What will happen to 'Breaking Bad's' Walter White?


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We asked readers to take a stab at how they believe the final season of "Breaking Bad" will end. We discovered the show's fans are not squeamish, and some apparently have nicely warped senses of humor ("Newhart," anyone?)

Here's a sampling of their suggestions. If, as creator Vince Gilligan has hinted, there is going to be a "Breaking Bad" spinoff, maybe that will be our next readers survey?

NYC museum has 'Breaking Bad' exhibit

New York City's Museum of the Moving Image is presenting "From Mr. Chips to Scarface: Walter White's Transformation in Breaking Bad," an exhibit that features his journey from mild-mannered high school chemistry teacher to drug lord. Among the effects are props from the show, including that pink teddy bear and Heisenberg's black porkpie hat.

"We are thrilled to present material from this extraordinary and compelling television series, appropriately located in the 'Actor' section of the museum's core exhibition, 'Behind the Screen,' " said Barbara Miller, curator.

"Breaking Bad" begins its final eight episodes tonight on AMC.

The museum, in the Astoria section of Queens, features exhibits and film screenings.

For more information and museum hours, visit its website, www.movingimage.us. The "Breaking Bad" exhibit runs through Oct. 27.

• Just as Hank and the DEA surround Walter's house and begin breaking down the door, Walt, Skyler and Jesse each have a gun in their mouths and start to pull the triggers when ... the screen goes dark and silent for several minutes.

As the end credits start to roll, the picture comes back on, and Walter -- sans goatee and now with a full head of hair -- abruptly wakes up in a cold sweat in bed with Jane Kaczmarek. He looks at her and says, "I just had the strangest dream! I was a meth dealer in New Mexico!" She pats his back as Frankie Muniz walks in with a plastic bag full of blue crystal-like pieces and says, "Look what I found in the basement!"

The credits roll again as Journey plays in the background.

Guy Rusiski, 48,
North Side

• Hank starts putting 2 and 2 together and tries to turn Jesse. Lydia kills Jesse and Walter kills Lydia, but Walter has to run, leaving all the money to Skyler.

Mike Wallach, 66,
Wexford

• OK, the most obvious answer will be that Walt figures a way for the feds to need information he has, like intricate details of the Mexican cartel (info gained off scene) and is a star witness and put in the federal witness protection agency. The show ends with him getting a new identity/name: Hal, he meets Lois, gets married and then season 1 of "Malcolm in the Middle" starts. Skyler and his two kids don't have anything the feds want. They aren't entered into the program.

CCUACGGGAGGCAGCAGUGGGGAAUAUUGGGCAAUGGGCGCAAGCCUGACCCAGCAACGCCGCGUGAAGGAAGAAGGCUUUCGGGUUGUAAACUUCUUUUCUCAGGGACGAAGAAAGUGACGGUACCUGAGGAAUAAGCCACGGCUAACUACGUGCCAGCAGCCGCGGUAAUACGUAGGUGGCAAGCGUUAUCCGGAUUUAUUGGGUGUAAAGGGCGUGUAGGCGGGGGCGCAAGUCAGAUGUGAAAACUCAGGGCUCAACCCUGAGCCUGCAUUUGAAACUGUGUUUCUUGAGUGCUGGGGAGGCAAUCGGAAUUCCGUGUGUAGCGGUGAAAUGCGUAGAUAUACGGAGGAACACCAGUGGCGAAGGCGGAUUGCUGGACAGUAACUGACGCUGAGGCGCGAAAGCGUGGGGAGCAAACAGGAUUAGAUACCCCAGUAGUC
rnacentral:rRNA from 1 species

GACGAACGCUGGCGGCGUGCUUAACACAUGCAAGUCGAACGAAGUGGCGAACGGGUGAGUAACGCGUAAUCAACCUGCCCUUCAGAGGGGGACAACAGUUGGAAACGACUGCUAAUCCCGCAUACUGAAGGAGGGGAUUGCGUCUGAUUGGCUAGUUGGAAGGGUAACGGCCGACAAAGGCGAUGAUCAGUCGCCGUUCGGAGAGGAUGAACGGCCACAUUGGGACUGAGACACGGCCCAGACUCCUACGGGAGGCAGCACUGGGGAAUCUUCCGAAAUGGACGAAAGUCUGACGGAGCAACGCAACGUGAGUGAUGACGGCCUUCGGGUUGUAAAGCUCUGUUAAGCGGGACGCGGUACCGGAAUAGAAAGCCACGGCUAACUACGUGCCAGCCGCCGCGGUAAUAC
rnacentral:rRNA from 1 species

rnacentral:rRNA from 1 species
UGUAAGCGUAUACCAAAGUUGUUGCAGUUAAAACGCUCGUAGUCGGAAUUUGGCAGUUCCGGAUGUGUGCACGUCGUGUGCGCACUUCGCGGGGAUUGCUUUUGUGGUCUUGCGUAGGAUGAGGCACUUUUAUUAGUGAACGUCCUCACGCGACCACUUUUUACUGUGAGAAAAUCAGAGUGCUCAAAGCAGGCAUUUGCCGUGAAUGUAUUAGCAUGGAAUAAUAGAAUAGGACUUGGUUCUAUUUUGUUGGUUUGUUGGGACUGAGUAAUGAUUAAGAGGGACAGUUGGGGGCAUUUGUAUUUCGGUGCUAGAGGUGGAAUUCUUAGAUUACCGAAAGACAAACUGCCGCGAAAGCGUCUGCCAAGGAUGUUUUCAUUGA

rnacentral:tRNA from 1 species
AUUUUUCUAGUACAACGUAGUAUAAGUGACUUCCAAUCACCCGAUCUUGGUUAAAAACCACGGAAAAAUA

Nate Loper, 40,
Carmel, Ind.

• I have it on good authority that during this final season, the entire Walter White/Heisenberg organization will successfully lobby the [New Mexico] state legislature to make Albuquerque a "Free Drug" zone where methamphetamine and other illegal drugs will be made available free of charge courtesy of our federal government to anyone who wants them. The "Org" can then operate successfully at ease and without fear of the feds as the government will be its only customer.

One caveat: Drugs must be consumed within the Albuquerque city limits -- outside they're illegal. Result: Without a profit incentive, drug trafficking at least in the U.S. and its associated crime evaporates and the user/losers enjoy their final days in the "Land of Enchantment." The cost of the program to taxpayers would be a mere fraction of the cost to continue futilely enforcing our current drug laws.

A happy ending, no?

Charles Jack, 69,
O'Hara

• Jesse, agonized by guilt, will engineer (perhaps by meth lab explosion) the death of himself and Mr. White.

Charlene Martz, 66,
Saltsburg

• And finally, no happy endings, from Tom Petzinger, 58, of Squirrel Hill.

Walt holds a gun at his side, smiling gently.

"Son," he says.

Walter Jr. holds firmly to his walking crutch. His other arm shakes as he points a government-issue handgun at the head of his father. He speaks excitedly.

"Dad! I talked to Uncle Hank. Everything's good. Everything's OK!"

Walt remains tranquil. His son breathes loudly. Finally, Walt speaks again.

"You were born that way, son." He glances at his son's crutch.

Walter Jr. is exasperated. His crutch means nothing right now.

"Dad, Uncle Hank talked to the attorney general. In Washington! He says you are so big they could change the world because of you. Seriously change the world! And he says they will take care of you. He has the paperwork. We'll all be fine -- Mom and the baby and me. All of us!"

Jesse suddenly steps in from the dark. He is unarmed.

"All set, Mr. White."

Walt nods to Jesse, then resumes staring warmly at Walter Jr.

"I love you, son."

"Dad! It's over! We'll be OK!"

They continue staring as the camera pulls away and the scene fades to black.

A gunshot is heard. The series is over.

tvradio

Maria Sciullo: msciullo@post-gazette.com or @MariaSciulloPG. First Published August 11, 2013 4:00 AM


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